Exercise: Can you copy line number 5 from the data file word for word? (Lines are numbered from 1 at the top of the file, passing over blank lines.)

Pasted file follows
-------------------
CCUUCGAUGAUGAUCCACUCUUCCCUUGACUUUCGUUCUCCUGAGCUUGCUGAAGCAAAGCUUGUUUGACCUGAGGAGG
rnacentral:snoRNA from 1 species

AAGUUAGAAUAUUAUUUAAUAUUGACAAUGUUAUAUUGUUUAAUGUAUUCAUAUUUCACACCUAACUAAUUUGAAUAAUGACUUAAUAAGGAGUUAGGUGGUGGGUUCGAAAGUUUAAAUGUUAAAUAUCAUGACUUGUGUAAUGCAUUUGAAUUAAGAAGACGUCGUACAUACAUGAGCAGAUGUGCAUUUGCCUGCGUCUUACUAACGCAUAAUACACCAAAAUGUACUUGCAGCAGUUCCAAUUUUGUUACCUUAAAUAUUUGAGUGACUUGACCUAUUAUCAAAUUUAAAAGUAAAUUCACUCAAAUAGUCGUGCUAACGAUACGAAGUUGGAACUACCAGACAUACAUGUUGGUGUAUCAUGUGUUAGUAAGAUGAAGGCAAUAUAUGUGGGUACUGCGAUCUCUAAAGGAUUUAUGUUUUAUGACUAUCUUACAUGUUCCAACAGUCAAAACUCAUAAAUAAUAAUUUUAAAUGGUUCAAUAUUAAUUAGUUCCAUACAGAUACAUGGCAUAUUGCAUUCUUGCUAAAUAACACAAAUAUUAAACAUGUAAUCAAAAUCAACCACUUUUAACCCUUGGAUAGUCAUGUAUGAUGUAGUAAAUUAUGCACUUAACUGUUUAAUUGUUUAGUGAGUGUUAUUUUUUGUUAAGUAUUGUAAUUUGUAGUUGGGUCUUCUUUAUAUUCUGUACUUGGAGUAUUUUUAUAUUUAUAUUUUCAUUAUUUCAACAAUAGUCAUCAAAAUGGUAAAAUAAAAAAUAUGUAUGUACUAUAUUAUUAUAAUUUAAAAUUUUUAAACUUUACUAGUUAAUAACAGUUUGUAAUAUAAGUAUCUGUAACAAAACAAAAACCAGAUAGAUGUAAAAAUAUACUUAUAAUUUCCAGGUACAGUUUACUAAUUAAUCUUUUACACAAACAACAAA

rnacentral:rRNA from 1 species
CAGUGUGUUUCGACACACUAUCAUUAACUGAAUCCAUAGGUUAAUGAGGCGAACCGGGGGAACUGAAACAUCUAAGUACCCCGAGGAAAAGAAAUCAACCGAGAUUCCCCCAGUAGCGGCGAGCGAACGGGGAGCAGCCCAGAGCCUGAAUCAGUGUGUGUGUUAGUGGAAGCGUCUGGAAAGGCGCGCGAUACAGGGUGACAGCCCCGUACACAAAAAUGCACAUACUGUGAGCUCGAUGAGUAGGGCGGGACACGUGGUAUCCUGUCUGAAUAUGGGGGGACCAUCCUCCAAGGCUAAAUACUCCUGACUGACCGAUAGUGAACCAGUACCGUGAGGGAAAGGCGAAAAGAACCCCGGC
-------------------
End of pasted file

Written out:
CAGUGUGUUUCGACACACUAUCAUUAACUGAAUCCAUAGGUUAAUGAGGCGAACCGGGGGAACUGAAACAUCUAAGUACCCCGAGGAAAAGAAAUCAACCGAGAUUCCCCCAGUAGCGGCGAGCGAACGGGGAGCAGCCCAGAGCCUGAAUCAGUGUGUGUGUUAGUGGAAGCGUCUGGAAAGGCGCGCGAUACAGGGUGACAGCCCCGUACACAAAAAUGCACAUACUGUGAGCUCGAUGAGUAGGGCGGGACACGUGGUAUCCUGUCUGAAUAUGGGGGGACCAUCCUCCAAGGCUAAAUACUCCUGACUGACCGAUAGUGAACCAGUACCGUGAGGGAAAGGCGAAAAGAACCCCGGC